Yarra's local law around drinking alcohol in public places will expire in October this year, and we need to consider options for replacing it.

The current law has caused some division due to the perception that it disproportionately impacts vulnerable members of the community. In 2019 Yarra Councillors directed officers to investigate alternatives to the current local law.

Over the last two years we have carried out:

  • research
  • consultation with key stakeholders
  • benchmarking against other councils.

We have now developed a draft of a new local law, and we need your feedback to further explore and adjust our proposed approach.

The draft law would be significantly different to our current local law, taking a more targeted approach to drinking alcohol in public places. It proposes the opposite of the current local law, specifying where you are not allowed to drink rather than saying where you can drink.

Find out more and have your say

You can find out more by reading the full draft local law, or read a summary below.

Share your feedback by filling in the survey below before Thursday 19 August 2021, or chat to us in person at one of our pop-ups.

The draft law would be added to Yarra’s General Local Law as a new section on the management of drinking alcohol in public places.

It proposes the opposite of the current local law in that it includes specific places where you can't drink, rather than specific places where you can drink.

This different approach targets particular places and times that can be complex, and aims to be more responsive to the specific needs of the Yarra community.

Responsible drinking in public places would be allowed throughout Yarra except for:

  • In Yarra's public parks and reserves between 9pm and 9am each day.
  • Within 10 metres from the boundary of a licensed venue.
  • Within 10 metres of the entrance and exit for public buildings or facilities that provide services to families and children.
  • Around New Year's Eve, from 9pm on 30 December to 9am 1 January.
  • Around Swan Street in Cremorne and Richmond during AFL Grand Final weekend. This would be from 9pm the day before until 9am the day after AFL Grand Final day.

New restrictions prescribed by Council resolution

The draft law also proposes that in certain situations new restrictions can be prescribed by Council resolution. This would would allow us to respond to exceptional circumstances as they arise and is only to be used where it is clear that there is an extraordinary and immediate risk to public safety related to the consumption of alcohol.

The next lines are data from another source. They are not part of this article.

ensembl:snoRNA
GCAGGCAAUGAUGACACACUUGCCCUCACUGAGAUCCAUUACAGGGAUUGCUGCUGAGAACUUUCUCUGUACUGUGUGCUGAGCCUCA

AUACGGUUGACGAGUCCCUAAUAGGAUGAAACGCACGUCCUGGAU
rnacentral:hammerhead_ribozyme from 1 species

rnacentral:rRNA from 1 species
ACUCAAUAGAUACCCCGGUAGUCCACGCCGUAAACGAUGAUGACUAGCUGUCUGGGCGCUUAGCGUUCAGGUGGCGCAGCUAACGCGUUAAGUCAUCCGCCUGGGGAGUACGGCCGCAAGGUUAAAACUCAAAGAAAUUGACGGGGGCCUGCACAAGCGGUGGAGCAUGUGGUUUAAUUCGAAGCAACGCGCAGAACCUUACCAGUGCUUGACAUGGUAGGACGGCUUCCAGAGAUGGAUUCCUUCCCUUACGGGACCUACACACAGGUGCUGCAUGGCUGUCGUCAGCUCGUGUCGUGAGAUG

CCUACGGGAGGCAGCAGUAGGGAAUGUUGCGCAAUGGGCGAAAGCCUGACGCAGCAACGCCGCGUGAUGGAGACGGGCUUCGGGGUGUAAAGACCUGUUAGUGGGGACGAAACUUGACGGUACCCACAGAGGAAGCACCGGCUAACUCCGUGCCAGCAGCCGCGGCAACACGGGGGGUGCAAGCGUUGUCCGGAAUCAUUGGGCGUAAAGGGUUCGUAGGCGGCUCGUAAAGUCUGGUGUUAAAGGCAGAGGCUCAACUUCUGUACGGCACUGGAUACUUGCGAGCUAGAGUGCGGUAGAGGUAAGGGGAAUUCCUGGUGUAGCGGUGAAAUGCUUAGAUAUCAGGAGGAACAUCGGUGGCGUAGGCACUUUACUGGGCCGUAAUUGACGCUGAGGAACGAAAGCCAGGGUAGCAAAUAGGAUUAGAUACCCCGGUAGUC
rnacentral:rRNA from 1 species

The Council would be required to follow specific rules as to when and how a prescription could be made, which are set out in a Procedure and Protocols Manual.

The current local law restricts people from consuming alcohol or possessing an open container of alcohol in any public place in Yarra except for public parks between 9am and 9pm, unless at a licensed venue or event.

It also specifies no consumption of alcohol in Yarra’s parks from 9pm the day before New Year’s Eve until 9am on New Year’s Day.

The draft law starts with a statement that explains that it is not to be used in situations where a person appears to be physically, psychologically, socially, culturally or economically vulnerable.

There are also specific rules in the Procedure and Protocols Manual that direct anyone enforcing the law to first consider circumstances and offer appropriate support instead of punishment.

In this way, the draft law is not intended to be used against anyone experiencing vulnerability or stop them from accessing support.

  • Feedback from key stakeholders in the community, who have a range of different and sometimes conflicting needs.
  • Yarra's vibrant night time economy, the second largest in Victoria after the City of Melbourne. We need to balance the risks associated with our entertainment precincts while supporting responsible serving of alcohol.
  • The social and health issues associated with drinking alcohol.
  • How to ensure that any new law considered does not criminalise social or economic disadvantage or health issues and does not create barriers to seeking assistance.
  • Our responsibility as a local council to promote public health, amenity and community safety.
  • The current policies of State and Federal Governments and other municipalities.

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